QK Meats, the Irish company that was named by Birds Eye as the source of horsemeat in some of its frozen ready meals, has tonight issued an apology for not informing the Irish authorities after it discovered horse DNA in beef imported from Poland last June.
The company said it had acted in good faith at the time but now accepts its actions “fell short” and it should have told the Irish department for agriculture, food and the marine about its discovery sooner. “We have apologised to the department for this, deeply regret it and any breach of trust which it has caused given our commitment to food quality and safety,” the company said in a statement.
QK Meats stressed it had not broken any laws – a fact reiterated by Irish agriculture minister Simon Coveney today – and said it could state “categorically” that none of the beef that tested positive for horse DNA in tests conducted by QK Meats had entered the food chain.
“Any product that tested positive was immediately isolated and either returned to the supplier or detained in quarantine at our premises,” it said. “QK Meats can categorically state that it did not introduce any product that tested positive into the food chain.”
“QK Meats can categorically state that it did not introduce any product that tested positive into the food chain” - QK Meats
QK Meats’ apology comes after an Irish government report into the horsemeat scandal revealed yesterday that QK Meats had found horse DNA in raw material from Poland as early as 27 June 2012 – as well as in subsequent tests conducted in October, November, December and January – but did not inform the authorities until 5 February 2013.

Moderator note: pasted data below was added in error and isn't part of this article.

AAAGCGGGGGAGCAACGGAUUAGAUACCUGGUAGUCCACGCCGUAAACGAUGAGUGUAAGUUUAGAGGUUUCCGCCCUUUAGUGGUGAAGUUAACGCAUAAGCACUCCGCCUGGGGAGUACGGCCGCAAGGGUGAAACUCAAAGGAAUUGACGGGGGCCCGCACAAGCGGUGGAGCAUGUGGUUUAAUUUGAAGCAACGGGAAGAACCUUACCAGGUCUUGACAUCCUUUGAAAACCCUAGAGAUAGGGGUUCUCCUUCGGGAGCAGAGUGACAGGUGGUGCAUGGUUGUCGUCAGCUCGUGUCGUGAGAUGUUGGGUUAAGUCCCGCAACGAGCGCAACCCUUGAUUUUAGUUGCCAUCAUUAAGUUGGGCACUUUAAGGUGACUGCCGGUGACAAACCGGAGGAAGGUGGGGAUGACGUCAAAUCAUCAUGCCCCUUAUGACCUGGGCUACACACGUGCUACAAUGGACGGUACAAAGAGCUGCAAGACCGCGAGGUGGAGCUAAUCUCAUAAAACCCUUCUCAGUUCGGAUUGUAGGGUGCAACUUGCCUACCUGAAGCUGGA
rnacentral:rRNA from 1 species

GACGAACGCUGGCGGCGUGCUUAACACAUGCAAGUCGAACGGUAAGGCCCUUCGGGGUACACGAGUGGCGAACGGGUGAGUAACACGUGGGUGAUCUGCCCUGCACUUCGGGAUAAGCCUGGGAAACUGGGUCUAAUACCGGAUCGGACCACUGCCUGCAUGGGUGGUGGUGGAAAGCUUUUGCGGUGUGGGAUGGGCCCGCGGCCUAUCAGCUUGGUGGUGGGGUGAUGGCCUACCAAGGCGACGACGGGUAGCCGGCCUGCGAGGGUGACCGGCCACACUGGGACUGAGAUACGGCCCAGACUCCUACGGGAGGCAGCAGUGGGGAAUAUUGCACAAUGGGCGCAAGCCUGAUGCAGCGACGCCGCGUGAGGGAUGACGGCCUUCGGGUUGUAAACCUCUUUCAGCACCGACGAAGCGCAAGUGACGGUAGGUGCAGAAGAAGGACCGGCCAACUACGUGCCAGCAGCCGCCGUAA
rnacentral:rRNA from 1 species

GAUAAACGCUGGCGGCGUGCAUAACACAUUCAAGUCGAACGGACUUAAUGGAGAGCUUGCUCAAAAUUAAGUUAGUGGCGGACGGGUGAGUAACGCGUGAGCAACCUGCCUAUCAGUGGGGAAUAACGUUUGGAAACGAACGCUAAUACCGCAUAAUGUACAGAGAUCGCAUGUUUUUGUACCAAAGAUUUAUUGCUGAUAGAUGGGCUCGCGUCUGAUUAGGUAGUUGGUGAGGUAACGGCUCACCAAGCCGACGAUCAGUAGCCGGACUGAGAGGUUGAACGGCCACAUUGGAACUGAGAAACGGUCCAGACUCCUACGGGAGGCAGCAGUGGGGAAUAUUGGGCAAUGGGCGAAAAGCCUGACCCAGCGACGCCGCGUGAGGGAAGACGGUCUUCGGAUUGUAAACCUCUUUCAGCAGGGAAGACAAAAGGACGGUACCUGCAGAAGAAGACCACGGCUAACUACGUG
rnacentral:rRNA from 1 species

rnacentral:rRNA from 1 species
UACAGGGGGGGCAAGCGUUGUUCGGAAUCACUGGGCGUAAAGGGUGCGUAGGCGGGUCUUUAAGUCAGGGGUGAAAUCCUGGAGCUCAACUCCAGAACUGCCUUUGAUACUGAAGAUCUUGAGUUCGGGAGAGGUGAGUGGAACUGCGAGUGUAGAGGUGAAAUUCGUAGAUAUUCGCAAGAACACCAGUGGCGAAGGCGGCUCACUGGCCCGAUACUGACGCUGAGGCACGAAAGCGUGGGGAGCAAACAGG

The report described QK Meats’ actions as “extremely disturbing” and “inexcusable”. The company knew the Irish government was involved in “a full public investigation” into the source of horse DNA in beef products as of late January and yet did not inform it about its test results until early February, the report said. Had QK Meats shared its findings earlier, they would have “informed the official investigation in a significant way and most likely would have led to earlier conclusions on the source of equine DNA”, it added.
The report also criticised QK Meats for not explaining fully why it had been testing imported beef for horse DNA in the first place, other than suggesting there had been “mumblings” in the trade about “suspect Polish raw material”.
QK Meats did not offer further insight on this in its statement tonight, saying only it introduced tests following “concern about a batch of product in June 2012”. It added the beef it bought from Poland came from “fully approved EU licensed suppliers”.
On 5 March, Birds Eye said QK Meats was the source of horse DNA found in three of its frozen ready meals in the UK and Belgium. QK Meats was also identified as the source of horse DNA in cottage pies from Oak Farm Foods, which was supplied to schools in the UK and recalled on 8 March.